“I don’t particularly consider my book successful, even though it won the Julia Child Award, and it’s in it’s second printing. I think when I’ve paid back my advance, I’ll consider it successful. Accolades are gratifying, but in the end this is a business.” — David Leite, cookbook author
“I think a successful book is one that makes the author feel good about what they have produced, and also when the author can see how their work helps other people.” – Monica Bhide, cookbook author
“There are many definitions of success. Did this book bring you financial opportunities to further build your career? Did it make your second book easy(ier) to sell? Has publishing this book made you an influencer? Are you now a resource for the media? Was your publisher pleased (Ask for feedback!)? Probably the more important question is what were the goals of your writing this book and were they met?
“The variables of who published your book and in what format, distribution, etc will all influence much of the measurables, such as University Press vs. Commercial publisher.” – Lisa Ekus, literary agent
“There are, of course, the objective measurements: sales numbers and whether your book “earns out”. But there are other, more intangible signs. I consider a book successful when it finds an audience, whether large or small. If I see that a book of mine has gained a dedicated audience that really appreciates it, that uses it and cooks from it, then that to me is a successful book.
“I also look to whether it is well received by my peers. For example, my second book, Big Night In, has been a slow seller. However, it was selected by Food & Wine as one of the 25 best cookbooks of the year when it came out, and it was carried for a time by Crate & BarreI, and I continue toget great feedback from those who cook from it. So, to my mind, that book was a success.” — Cookbook author Domenica Marchetti
“You know your book is a success if it accomplished what you wanted it to. It could be different things: selling a lot of copies; getting a lot of print; launching a next step, like a movie; informing and inspiring people; righting a confusion.
“I think of books I’ve written that have sold a lot and those that have gone out of print or haven’t earned back. Local Flavors, for example,has never earned out but is, miraculously, still in print. It was a little ahead of its time, but as the interest in farmers markets has caught up with it, it has really come into play; I’m asked to weigh in on articles on the basis of the book, it’s given away at conferences and farmers markets, so I consider it a success even if by some standards it isn’t. Vegetarian Cooking For Everyone has been a success financially, but what’s most important to me is that it has introduced people to vegetables and other plant foods whether or not they’re vegetarian, and when I get e-mails and letters from readers expressing their appreciation for that, I am so gratified. The book did what I hoped it would.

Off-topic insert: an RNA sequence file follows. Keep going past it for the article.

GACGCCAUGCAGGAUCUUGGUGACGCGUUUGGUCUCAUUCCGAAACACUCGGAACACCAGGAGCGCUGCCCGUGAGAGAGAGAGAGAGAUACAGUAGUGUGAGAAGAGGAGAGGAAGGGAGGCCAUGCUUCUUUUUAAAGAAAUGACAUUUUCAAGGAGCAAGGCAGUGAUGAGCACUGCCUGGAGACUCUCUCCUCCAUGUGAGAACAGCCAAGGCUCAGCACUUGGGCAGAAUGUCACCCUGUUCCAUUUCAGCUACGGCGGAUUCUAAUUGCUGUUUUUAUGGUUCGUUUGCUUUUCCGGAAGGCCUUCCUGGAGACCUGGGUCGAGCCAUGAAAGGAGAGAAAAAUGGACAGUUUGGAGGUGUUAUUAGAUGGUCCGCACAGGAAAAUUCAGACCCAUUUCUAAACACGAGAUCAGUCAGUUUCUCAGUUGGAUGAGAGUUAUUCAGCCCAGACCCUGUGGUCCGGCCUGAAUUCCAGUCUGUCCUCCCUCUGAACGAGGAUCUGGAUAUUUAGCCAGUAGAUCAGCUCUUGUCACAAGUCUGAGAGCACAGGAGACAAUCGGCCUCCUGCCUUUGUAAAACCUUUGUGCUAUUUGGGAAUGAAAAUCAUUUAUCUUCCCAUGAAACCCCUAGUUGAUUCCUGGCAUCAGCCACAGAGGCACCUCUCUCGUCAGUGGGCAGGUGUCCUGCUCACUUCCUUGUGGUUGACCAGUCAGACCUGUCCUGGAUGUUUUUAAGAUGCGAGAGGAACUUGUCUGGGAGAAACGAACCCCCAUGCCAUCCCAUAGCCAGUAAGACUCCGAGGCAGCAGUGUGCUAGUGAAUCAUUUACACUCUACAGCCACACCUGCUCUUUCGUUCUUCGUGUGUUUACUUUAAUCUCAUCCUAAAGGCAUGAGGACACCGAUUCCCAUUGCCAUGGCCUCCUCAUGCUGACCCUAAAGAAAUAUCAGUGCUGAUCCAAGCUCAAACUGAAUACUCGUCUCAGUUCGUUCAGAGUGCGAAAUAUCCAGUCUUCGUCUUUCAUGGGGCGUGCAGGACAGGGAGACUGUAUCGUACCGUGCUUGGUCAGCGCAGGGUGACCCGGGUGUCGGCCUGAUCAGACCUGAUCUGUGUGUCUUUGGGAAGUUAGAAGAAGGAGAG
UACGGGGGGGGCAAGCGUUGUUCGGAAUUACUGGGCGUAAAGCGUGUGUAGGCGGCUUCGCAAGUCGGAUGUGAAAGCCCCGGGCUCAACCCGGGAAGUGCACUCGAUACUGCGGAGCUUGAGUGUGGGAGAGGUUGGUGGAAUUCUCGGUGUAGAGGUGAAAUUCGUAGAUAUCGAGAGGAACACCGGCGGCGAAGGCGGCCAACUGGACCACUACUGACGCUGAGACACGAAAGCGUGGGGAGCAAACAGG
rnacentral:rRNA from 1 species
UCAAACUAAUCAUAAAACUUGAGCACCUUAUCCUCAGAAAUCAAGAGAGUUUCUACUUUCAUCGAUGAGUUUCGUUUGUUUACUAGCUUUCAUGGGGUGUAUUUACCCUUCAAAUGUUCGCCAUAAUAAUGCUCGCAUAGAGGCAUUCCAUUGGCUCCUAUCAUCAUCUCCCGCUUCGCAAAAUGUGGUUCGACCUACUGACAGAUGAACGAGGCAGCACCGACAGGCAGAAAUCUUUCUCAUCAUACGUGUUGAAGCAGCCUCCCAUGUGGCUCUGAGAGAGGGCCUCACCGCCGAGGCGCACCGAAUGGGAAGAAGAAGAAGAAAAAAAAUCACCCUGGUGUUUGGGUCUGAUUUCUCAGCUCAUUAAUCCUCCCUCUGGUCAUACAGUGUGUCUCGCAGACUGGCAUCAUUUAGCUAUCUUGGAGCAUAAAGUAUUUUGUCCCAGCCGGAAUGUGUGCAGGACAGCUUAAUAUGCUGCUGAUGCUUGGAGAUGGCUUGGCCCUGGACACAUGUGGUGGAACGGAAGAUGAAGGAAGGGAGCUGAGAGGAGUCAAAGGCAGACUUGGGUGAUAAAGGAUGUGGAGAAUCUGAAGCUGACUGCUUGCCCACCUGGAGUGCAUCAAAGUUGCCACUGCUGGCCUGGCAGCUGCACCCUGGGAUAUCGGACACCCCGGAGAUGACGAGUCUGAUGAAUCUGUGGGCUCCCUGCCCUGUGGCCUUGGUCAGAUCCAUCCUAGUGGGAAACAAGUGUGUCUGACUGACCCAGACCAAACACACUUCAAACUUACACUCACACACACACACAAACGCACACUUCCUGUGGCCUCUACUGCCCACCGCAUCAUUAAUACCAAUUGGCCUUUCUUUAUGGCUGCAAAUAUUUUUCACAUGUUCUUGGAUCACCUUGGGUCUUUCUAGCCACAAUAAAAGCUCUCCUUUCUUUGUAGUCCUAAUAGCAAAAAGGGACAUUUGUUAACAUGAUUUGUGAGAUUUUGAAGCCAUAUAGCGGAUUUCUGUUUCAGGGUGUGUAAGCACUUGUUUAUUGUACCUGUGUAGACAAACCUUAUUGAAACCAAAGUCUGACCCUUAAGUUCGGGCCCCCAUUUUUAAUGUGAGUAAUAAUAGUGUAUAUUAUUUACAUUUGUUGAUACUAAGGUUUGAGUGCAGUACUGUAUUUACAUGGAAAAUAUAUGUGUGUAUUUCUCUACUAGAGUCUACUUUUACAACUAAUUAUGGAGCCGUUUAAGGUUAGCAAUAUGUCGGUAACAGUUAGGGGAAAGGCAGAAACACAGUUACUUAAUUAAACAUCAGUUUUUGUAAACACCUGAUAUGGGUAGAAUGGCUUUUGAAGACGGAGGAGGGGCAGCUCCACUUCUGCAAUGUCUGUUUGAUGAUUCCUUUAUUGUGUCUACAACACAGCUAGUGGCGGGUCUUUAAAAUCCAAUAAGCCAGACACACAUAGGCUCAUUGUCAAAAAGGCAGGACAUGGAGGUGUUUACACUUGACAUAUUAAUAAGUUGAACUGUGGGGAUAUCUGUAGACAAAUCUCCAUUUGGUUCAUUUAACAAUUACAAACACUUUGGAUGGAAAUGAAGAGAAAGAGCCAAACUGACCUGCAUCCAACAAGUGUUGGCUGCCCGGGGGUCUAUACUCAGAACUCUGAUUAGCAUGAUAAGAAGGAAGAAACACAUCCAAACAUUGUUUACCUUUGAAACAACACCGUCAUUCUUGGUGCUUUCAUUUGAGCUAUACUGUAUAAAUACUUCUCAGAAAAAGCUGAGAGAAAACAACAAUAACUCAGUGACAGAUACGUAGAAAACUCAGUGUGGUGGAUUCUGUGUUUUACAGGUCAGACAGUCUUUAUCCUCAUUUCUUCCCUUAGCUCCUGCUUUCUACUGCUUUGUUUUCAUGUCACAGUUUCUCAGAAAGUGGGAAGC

“Another book in which I had a mission was in print only for a little over a year. I feel it was a failure even though it was a good book because it didn’t get to do what I had hoped, which was to focus on fruit and inspire people to understand and offer ways to enjoy it that were more health supportive than usual. So when you’re writing a book and visualizing your audience and thinking about what it is you want the book to say, and if it ends up doing that, it’s a success. If it makes a lot of money and gets a lot of print at the same time, that’s also a success. But if it’ doesn’t, it’s not necessarily a failure.
“The internet has been a great tool for feedback. Sometimes I feel discouraged about the apparent lack of success of a book, but then I get an e-mail from someone who is a die-hard fan of that book and who really understands it, and that makes it feel like a success.” – Deborah Madison, cookbook author
“This might not surprise you, but it’s sales, and for a book to be really successful, longevity. Look what happened with Mastering the Art of French Cooking after the Julia movie came out!